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[pyoo-tres-uh nt] /pyuˈtrɛs ənt/
becoming putrid; undergoing putrefaction.
of or relating to putrefaction.
Origin of putrescent
1725-35; < Latin putrēscent- (stem of putrēscēns), present participle of putrēscere to grow rotten
Related forms
putrescence, putrescency, noun
nonputrescence, noun
nonputrescent, adjective Unabridged
Based on the Random House Dictionary, © Random House, Inc. 2017.
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Examples from the Web for putrescence
Historical Examples
  • It is essentially bottomless, cancerous; a putrescence through the constitution of the people is indicated by this galled place.

  • An ignis fatuus, perhaps; a Jack-o'-lanthorn begotten of putrescence.

    The Life of Cesare Borgia Raphael Sabatini
  • By the time he reached the next pool the putrescence which hung on the stale air was almost sickening.

    Hunters Out of Space Joseph Everidge Kelleam
  • The air was full of putrescence and the strong odour of foul mud.

    A Company of Tanks W. H. L. Watson
  • What the larva of antiquity ate was live flesh and not putrescence.

    More Hunting Wasps J. Henri Fabre
  • The waysides were strewn with dead bodies in every state of putrescence.

  • He never soiled his pen in the putrescence of falsehood and incendiarism.

    The Book of Khalid Ameen Rihani
  • You would not have me for fear of pain perish in putrescence.

  • Even Hegel said that wars invigorate humanity just as the storm preserves the sea from putrescence.

    The Psychology of Nations G.E. Partridge
  • Miss Van Tuyn was not going to allow herself to be influenced by the putrescence of Garstin's mind.

    December Love Robert Hichens
British Dictionary definitions for putrescence


becoming putrid; rotting
characterized by or undergoing putrefaction
Derived Forms
putrescence, noun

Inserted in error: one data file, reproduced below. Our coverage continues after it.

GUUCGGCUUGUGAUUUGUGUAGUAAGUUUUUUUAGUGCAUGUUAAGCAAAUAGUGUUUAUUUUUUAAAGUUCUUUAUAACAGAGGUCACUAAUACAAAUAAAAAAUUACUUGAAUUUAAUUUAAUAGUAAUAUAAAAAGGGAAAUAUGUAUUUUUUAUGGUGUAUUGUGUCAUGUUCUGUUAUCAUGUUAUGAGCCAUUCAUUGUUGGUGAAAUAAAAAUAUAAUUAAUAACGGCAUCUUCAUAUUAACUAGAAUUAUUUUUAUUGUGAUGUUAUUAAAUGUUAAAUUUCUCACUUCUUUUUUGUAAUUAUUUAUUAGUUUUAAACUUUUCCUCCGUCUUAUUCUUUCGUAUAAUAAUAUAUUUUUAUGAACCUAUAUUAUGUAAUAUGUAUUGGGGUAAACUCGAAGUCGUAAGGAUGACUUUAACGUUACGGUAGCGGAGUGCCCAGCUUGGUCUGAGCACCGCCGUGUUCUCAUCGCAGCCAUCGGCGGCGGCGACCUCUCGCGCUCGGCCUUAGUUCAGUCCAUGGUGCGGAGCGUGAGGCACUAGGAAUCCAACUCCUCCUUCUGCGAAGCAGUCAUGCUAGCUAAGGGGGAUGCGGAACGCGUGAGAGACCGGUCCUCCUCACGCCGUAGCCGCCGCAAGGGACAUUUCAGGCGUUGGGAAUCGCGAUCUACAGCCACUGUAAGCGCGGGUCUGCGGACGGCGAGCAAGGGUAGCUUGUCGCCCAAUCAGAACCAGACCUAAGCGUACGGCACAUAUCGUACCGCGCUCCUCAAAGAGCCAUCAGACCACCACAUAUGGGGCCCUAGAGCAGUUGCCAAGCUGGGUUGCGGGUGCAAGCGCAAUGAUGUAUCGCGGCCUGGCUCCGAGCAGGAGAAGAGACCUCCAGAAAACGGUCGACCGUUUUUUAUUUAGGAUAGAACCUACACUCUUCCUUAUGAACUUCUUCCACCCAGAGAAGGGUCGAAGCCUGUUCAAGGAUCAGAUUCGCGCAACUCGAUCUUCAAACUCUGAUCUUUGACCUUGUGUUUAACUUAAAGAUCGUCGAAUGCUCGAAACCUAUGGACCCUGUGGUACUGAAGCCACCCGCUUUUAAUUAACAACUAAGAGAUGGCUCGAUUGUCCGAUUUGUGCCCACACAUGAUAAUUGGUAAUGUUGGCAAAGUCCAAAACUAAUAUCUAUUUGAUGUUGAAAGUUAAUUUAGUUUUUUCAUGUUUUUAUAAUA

Word Origin
C18: from Latin putrescere to become rotten
Collins English Dictionary - Complete & Unabridged 2012 Digital Edition
© William Collins Sons & Co. Ltd. 1979, 1986 © HarperCollins
Publishers 1998, 2000, 2003, 2005, 2006, 2007, 2009, 2012
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Word Origin and History for putrescence

1640s, from Latin putrescentem (nominative putrescens), present participle of putrescere "grow rotten, moulder, decay," inchoative of putrere "be rotten" (see putrid).



1732, a back-formation from putrescence, or else from Latin putrescentem (nominative putrescens), present participle of putrescere "grow rotten, moulder, decay," inchoative of putrere "be rotten" (see putrid).

Online Etymology Dictionary, © 2010 Douglas Harper
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putrescence in Medicine

putrescence pu·tres·cence (pyōō-trěs'əns)

  1. A putrescent character or condition.

  2. Putrid matter.

putrescent pu·tres·cent (pyōō-trěs'ənt)

  1. Becoming putrid; putrefying.

  2. Of or relating to putrefaction.

The American Heritage® Stedman's Medical Dictionary
Copyright © 2002, 2001, 1995 by Houghton Mifflin Company. Published by Houghton Mifflin Company.
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